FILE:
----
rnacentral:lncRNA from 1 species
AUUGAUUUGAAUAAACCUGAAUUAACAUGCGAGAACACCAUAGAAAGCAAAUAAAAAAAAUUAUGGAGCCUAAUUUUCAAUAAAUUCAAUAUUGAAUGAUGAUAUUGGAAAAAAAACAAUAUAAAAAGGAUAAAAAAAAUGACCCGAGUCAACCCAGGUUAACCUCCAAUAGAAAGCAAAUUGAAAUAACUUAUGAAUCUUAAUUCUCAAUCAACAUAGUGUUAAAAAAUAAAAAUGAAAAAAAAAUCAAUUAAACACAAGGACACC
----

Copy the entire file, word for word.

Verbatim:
rnacentral:lncRNA from 1 species
AUUGAUUUGAAUAAACCUGAAUUAACAUGCGAGAACACCAUAGAAAGCAAAUAAAAAAAAUUAUGGAGCCUAAUUUUCAAUAAAUUCAAUAUUGAAUGAUGAUAUUGGAAAAAAAACAAUAUAAAAAGGAUAAAAAAAAUGACCCGAGUCAACCCAGGUUAACCUCCAAUAGAAAGCAAAUUGAAAUAACUUAUGAAUCUUAAUUCUCAAUCAACAUAGUGUUAAAAAAUAAAAAUGAAAAAAAAAUCAAUUAAACACAAGGACACC